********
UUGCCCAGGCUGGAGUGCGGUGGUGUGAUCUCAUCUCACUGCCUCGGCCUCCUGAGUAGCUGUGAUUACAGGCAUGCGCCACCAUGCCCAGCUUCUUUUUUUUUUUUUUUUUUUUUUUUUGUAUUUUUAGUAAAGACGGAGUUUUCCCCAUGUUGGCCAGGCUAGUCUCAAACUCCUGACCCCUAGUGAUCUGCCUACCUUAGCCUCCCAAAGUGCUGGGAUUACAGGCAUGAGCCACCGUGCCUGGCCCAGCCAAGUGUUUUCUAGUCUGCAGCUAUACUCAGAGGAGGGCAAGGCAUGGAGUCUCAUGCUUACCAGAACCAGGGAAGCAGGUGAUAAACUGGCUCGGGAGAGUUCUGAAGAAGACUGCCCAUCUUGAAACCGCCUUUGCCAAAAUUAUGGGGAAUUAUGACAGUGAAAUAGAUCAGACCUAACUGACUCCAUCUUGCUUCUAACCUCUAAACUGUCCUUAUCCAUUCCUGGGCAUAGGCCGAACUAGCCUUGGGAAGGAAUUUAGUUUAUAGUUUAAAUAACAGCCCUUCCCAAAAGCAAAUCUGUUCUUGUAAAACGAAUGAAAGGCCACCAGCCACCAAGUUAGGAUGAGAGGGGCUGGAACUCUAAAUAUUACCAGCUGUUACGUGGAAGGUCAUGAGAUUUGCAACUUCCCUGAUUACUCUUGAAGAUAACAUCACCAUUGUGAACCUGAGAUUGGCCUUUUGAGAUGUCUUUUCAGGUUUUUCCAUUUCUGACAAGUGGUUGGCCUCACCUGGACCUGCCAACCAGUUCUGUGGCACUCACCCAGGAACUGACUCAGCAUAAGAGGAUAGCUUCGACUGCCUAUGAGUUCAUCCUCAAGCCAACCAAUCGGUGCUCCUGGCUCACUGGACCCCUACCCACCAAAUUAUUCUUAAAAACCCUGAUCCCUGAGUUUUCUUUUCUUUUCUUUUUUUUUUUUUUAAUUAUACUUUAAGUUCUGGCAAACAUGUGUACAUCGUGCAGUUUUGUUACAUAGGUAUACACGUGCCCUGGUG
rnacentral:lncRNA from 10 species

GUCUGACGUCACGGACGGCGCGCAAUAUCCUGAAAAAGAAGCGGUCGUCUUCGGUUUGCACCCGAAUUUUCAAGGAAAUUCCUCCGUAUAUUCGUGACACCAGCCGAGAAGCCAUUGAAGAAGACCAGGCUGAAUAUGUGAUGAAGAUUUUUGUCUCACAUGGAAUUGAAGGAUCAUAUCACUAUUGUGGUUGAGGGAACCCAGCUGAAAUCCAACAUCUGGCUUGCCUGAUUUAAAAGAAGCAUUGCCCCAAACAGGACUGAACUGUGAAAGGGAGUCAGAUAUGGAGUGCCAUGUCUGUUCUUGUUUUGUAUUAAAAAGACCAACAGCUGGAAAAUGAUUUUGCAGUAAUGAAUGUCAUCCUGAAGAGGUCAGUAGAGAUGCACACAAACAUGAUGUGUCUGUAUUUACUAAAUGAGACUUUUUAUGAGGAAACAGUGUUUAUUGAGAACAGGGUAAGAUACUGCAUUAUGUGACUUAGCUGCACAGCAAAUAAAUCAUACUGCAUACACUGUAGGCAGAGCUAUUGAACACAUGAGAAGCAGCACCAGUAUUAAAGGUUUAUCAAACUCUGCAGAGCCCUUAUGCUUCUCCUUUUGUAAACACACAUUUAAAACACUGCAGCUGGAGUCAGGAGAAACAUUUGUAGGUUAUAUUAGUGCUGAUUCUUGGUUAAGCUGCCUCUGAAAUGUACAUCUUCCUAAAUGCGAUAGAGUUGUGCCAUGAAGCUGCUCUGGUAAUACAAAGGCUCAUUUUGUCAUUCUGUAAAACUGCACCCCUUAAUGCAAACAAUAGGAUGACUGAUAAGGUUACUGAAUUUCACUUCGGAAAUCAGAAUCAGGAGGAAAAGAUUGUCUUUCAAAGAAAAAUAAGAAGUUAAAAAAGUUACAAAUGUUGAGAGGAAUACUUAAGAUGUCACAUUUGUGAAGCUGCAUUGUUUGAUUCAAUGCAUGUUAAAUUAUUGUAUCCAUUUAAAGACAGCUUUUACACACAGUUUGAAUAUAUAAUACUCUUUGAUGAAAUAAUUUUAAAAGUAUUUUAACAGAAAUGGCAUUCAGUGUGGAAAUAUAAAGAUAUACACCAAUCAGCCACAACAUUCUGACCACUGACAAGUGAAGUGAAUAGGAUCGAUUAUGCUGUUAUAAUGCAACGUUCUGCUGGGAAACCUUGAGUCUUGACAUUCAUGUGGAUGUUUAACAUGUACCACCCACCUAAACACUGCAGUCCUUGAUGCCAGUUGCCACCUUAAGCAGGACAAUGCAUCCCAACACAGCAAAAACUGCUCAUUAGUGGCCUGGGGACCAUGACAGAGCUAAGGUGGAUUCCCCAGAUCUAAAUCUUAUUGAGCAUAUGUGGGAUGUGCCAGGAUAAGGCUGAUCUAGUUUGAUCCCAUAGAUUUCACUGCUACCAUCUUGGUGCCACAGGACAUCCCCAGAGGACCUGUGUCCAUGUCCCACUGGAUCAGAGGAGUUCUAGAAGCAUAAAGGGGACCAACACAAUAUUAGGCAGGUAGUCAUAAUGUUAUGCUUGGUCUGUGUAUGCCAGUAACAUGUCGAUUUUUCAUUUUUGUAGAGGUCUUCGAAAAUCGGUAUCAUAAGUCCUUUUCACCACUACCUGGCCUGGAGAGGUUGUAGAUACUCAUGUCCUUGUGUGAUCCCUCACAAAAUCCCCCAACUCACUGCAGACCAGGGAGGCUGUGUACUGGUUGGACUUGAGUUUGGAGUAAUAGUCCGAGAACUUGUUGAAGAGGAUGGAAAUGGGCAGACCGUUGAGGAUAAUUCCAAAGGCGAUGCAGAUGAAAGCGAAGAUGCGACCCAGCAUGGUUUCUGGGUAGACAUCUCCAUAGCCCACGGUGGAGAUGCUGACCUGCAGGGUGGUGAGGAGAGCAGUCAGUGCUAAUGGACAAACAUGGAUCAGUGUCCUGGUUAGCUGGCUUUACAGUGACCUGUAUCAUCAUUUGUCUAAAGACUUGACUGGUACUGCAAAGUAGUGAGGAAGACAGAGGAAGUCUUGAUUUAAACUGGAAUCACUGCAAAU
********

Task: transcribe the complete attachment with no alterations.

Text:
UUGCCCAGGCUGGAGUGCGGUGGUGUGAUCUCAUCUCACUGCCUCGGCCUCCUGAGUAGCUGUGAUUACAGGCAUGCGCCACCAUGCCCAGCUUCUUUUUUUUUUUUUUUUUUUUUUUUUGUAUUUUUAGUAAAGACGGAGUUUUCCCCAUGUUGGCCAGGCUAGUCUCAAACUCCUGACCCCUAGUGAUCUGCCUACCUUAGCCUCCCAAAGUGCUGGGAUUACAGGCAUGAGCCACCGUGCCUGGCCCAGCCAAGUGUUUUCUAGUCUGCAGCUAUACUCAGAGGAGGGCAAGGCAUGGAGUCUCAUGCUUACCAGAACCAGGGAAGCAGGUGAUAAACUGGCUCGGGAGAGUUCUGAAGAAGACUGCCCAUCUUGAAACCGCCUUUGCCAAAAUUAUGGGGAAUUAUGACAGUGAAAUAGAUCAGACCUAACUGACUCCAUCUUGCUUCUAACCUCUAAACUGUCCUUAUCCAUUCCUGGGCAUAGGCCGAACUAGCCUUGGGAAGGAAUUUAGUUUAUAGUUUAAAUAACAGCCCUUCCCAAAAGCAAAUCUGUUCUUGUAAAACGAAUGAAAGGCCACCAGCCACCAAGUUAGGAUGAGAGGGGCUGGAACUCUAAAUAUUACCAGCUGUUACGUGGAAGGUCAUGAGAUUUGCAACUUCCCUGAUUACUCUUGAAGAUAACAUCACCAUUGUGAACCUGAGAUUGGCCUUUUGAGAUGUCUUUUCAGGUUUUUCCAUUUCUGACAAGUGGUUGGCCUCACCUGGACCUGCCAACCAGUUCUGUGGCACUCACCCAGGAACUGACUCAGCAUAAGAGGAUAGCUUCGACUGCCUAUGAGUUCAUCCUCAAGCCAACCAAUCGGUGCUCCUGGCUCACUGGACCCCUACCCACCAAAUUAUUCUUAAAAACCCUGAUCCCUGAGUUUUCUUUUCUUUUCUUUUUUUUUUUUUUAAUUAUACUUUAAGUUCUGGCAAACAUGUGUACAUCGUGCAGUUUUGUUACAUAGGUAUACACGUGCCCUGGUG
rnacentral:lncRNA from 10 species

GUCUGACGUCACGGACGGCGCGCAAUAUCCUGAAAAAGAAGCGGUCGUCUUCGGUUUGCACCCGAAUUUUCAAGGAAAUUCCUCCGUAUAUUCGUGACACCAGCCGAGAAGCCAUUGAAGAAGACCAGGCUGAAUAUGUGAUGAAGAUUUUUGUCUCACAUGGAAUUGAAGGAUCAUAUCACUAUUGUGGUUGAGGGAACCCAGCUGAAAUCCAACAUCUGGCUUGCCUGAUUUAAAAGAAGCAUUGCCCCAAACAGGACUGAACUGUGAAAGGGAGUCAGAUAUGGAGUGCCAUGUCUGUUCUUGUUUUGUAUUAAAAAGACCAACAGCUGGAAAAUGAUUUUGCAGUAAUGAAUGUCAUCCUGAAGAGGUCAGUAGAGAUGCACACAAACAUGAUGUGUCUGUAUUUACUAAAUGAGACUUUUUAUGAGGAAACAGUGUUUAUUGAGAACAGGGUAAGAUACUGCAUUAUGUGACUUAGCUGCACAGCAAAUAAAUCAUACUGCAUACACUGUAGGCAGAGCUAUUGAACACAUGAGAAGCAGCACCAGUAUUAAAGGUUUAUCAAACUCUGCAGAGCCCUUAUGCUUCUCCUUUUGUAAACACACAUUUAAAACACUGCAGCUGGAGUCAGGAGAAACAUUUGUAGGUUAUAUUAGUGCUGAUUCUUGGUUAAGCUGCCUCUGAAAUGUACAUCUUCCUAAAUGCGAUAGAGUUGUGCCAUGAAGCUGCUCUGGUAAUACAAAGGCUCAUUUUGUCAUUCUGUAAAACUGCACCCCUUAAUGCAAACAAUAGGAUGACUGAUAAGGUUACUGAAUUUCACUUCGGAAAUCAGAAUCAGGAGGAAAAGAUUGUCUUUCAAAGAAAAAUAAGAAGUUAAAAAAGUUACAAAUGUUGAGAGGAAUACUUAAGAUGUCACAUUUGUGAAGCUGCAUUGUUUGAUUCAAUGCAUGUUAAAUUAUUGUAUCCAUUUAAAGACAGCUUUUACACACAGUUUGAAUAUAUAAUACUCUUUGAUGAAAUAAUUUUAAAAGUAUUUUAACAGAAAUGGCAUUCAGUGUGGAAAUAUAAAGAUAUACACCAAUCAGCCACAACAUUCUGACCACUGACAAGUGAAGUGAAUAGGAUCGAUUAUGCUGUUAUAAUGCAACGUUCUGCUGGGAAACCUUGAGUCUUGACAUUCAUGUGGAUGUUUAACAUGUACCACCCACCUAAACACUGCAGUCCUUGAUGCCAGUUGCCACCUUAAGCAGGACAAUGCAUCCCAACACAGCAAAAACUGCUCAUUAGUGGCCUGGGGACCAUGACAGAGCUAAGGUGGAUUCCCCAGAUCUAAAUCUUAUUGAGCAUAUGUGGGAUGUGCCAGGAUAAGGCUGAUCUAGUUUGAUCCCAUAGAUUUCACUGCUACCAUCUUGGUGCCACAGGACAUCCCCAGAGGACCUGUGUCCAUGUCCCACUGGAUCAGAGGAGUUCUAGAAGCAUAAAGGGGACCAACACAAUAUUAGGCAGGUAGUCAUAAUGUUAUGCUUGGUCUGUGUAUGCCAGUAACAUGUCGAUUUUUCAUUUUUGUAGAGGUCUUCGAAAAUCGGUAUCAUAAGUCCUUUUCACCACUACCUGGCCUGGAGAGGUUGUAGAUACUCAUGUCCUUGUGUGAUCCCUCACAAAAUCCCCCAACUCACUGCAGACCAGGGAGGCUGUGUACUGGUUGGACUUGAGUUUGGAGUAAUAGUCCGAGAACUUGUUGAAGAGGAUGGAAAUGGGCAGACCGUUGAGGAUAAUUCCAAAGGCGAUGCAGAUGAAAGCGAAGAUGCGACCCAGCAUGGUUUCUGGGUAGACAUCUCCAUAGCCCACGGUGGAGAUGCUGACCUGCAGGGUGGUGAGGAGAGCAGUCAGUGCUAAUGGACAAACAUGGAUCAGUGUCCUGGUUAGCUGGCUUUACAGUGACCUGUAUCAUCAUUUGUCUAAAGACUUGACUGGUACUGCAAAGUAGUGAGGAAGACAGAGGAAGUCUUGAUUUAAACUGGAAUCACUGCAAAU